Rackspace has made many cloud-related acquisitions, in order to enhance its cloud capabilities and rapidly expand the number of developers it employs. However, Rackspace has not integrated these acquisitions into a cohesive whole. Many of these acquisitions actually can manage or operate with multiple cloud IaaS providers. While this potentially positions Rackspace for future multicloud management, and enables it to take advantage of the growth of competitors, it does not create a compelling value proposition for using Rackspace's own cloud IaaS offerings.
Please find my response as below:
Q) Would you please share your take on Cloud Computing & Cloud Services?
Ans) Cloud Services is Consumer and Business products, services and
solutions that are delivered and consumed in real-time over the Internet
1) Offsite, provided by third-party provider
2) Accessed via the Internet
3) Minimal/no IT skills to “implement”
4) Provisioning - self-service requesting, near real-time deployment,
dynamic & fine-grained scaling.
5) Pricing - fine-grained & usage-based pricing capability.
6) User Interface - browser & successors.
7) System Interface - Web services APIs, providing a standards-based
framework for accessing and integrating with and among cloud
8) Shared resources/common versions - the shared asset approach improves
supplier and customer economics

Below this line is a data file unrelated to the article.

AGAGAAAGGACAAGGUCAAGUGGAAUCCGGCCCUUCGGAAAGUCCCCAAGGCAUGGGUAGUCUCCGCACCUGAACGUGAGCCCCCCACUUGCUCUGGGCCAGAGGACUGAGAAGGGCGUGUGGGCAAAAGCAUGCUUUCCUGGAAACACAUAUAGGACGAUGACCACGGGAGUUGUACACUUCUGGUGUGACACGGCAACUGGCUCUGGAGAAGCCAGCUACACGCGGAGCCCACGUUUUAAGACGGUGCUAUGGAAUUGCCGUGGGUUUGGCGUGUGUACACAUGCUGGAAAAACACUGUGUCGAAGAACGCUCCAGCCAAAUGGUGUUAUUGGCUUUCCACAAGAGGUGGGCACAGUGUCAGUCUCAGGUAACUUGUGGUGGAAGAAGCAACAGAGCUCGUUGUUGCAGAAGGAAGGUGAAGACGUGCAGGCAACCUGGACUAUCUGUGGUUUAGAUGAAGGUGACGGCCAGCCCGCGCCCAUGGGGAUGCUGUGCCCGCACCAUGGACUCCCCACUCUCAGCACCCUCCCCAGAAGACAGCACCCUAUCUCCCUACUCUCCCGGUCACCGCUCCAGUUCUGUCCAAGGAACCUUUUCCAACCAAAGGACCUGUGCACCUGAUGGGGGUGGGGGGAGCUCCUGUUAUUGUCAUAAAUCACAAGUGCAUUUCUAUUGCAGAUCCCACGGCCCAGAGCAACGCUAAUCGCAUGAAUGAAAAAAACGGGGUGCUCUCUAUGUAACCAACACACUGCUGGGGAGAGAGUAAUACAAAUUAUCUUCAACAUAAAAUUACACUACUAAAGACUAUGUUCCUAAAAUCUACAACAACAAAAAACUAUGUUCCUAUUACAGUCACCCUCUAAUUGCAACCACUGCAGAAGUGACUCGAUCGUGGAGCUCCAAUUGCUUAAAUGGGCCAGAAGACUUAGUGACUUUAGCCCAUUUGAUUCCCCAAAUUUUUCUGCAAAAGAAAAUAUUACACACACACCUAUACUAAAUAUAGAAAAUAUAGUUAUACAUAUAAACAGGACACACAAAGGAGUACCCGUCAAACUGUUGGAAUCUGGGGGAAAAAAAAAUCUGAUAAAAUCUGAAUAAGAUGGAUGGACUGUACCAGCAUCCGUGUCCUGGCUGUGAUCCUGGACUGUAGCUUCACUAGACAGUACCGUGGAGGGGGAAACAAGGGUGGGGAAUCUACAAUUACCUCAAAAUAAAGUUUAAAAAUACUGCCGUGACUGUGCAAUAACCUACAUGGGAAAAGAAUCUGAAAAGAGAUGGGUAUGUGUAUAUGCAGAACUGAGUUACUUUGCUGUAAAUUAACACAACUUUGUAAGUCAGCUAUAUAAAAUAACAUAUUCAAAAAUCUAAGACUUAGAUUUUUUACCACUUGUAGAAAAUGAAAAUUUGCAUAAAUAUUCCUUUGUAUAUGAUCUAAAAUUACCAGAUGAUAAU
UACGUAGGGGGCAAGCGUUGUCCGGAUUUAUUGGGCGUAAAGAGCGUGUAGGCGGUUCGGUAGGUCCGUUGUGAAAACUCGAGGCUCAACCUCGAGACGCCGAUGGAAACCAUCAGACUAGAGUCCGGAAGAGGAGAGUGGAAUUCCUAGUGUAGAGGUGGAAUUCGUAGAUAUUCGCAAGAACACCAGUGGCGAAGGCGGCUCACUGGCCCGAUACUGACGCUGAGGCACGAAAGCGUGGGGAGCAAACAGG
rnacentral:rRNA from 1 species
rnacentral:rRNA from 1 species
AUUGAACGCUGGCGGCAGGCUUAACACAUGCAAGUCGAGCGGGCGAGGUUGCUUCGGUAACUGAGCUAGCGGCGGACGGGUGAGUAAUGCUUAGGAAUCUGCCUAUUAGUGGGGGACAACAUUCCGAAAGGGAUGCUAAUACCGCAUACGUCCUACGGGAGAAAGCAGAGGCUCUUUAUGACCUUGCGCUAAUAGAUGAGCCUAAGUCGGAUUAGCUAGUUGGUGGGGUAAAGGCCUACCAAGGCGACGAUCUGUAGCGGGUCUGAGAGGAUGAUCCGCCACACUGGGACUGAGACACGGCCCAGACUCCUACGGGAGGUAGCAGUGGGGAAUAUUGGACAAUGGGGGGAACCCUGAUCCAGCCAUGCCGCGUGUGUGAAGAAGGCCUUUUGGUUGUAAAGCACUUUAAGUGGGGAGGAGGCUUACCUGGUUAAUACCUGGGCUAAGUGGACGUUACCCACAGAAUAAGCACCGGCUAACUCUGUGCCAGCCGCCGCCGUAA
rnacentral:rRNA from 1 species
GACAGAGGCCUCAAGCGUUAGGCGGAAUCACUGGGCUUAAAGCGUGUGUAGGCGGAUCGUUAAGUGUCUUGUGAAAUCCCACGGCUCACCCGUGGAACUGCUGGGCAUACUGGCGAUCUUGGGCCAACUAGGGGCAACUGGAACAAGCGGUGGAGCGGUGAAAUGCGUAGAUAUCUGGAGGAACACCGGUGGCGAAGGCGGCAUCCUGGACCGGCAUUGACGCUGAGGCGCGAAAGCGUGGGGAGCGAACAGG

Cloud Computing is an emerging IT development, deployment and delivery
model, enabling real-time delivery of products, services and solutions over
the Internet (i.e., enabling cloud services)
1) Infrastructure systems (e.g., servers, storage, networks)
2) Application software that provides web-based UIs, web services APIs,
multi-tenant architecture and a rich variety of configuration
3) Application development and deployment software
4) System and application management software
5) IP Networks that connect end users to “the cloud” and the infrastructure
components of the cloud to each other
6) For all of the above, pricing agreements for cloud services providers
that scale technology costs with their cloud services
Q) What are pro/cons of Rackspace vs. the other leading vendors in this hot
Ans) Please check our company website blog link given below, where in I
have compared the top three cloud providers.
Let me know if you have any queries.
What are the differences between IaaS, PaaS and SaaS? What are some considerations to take into account when choosing between PaaS, SaaS and IaaS?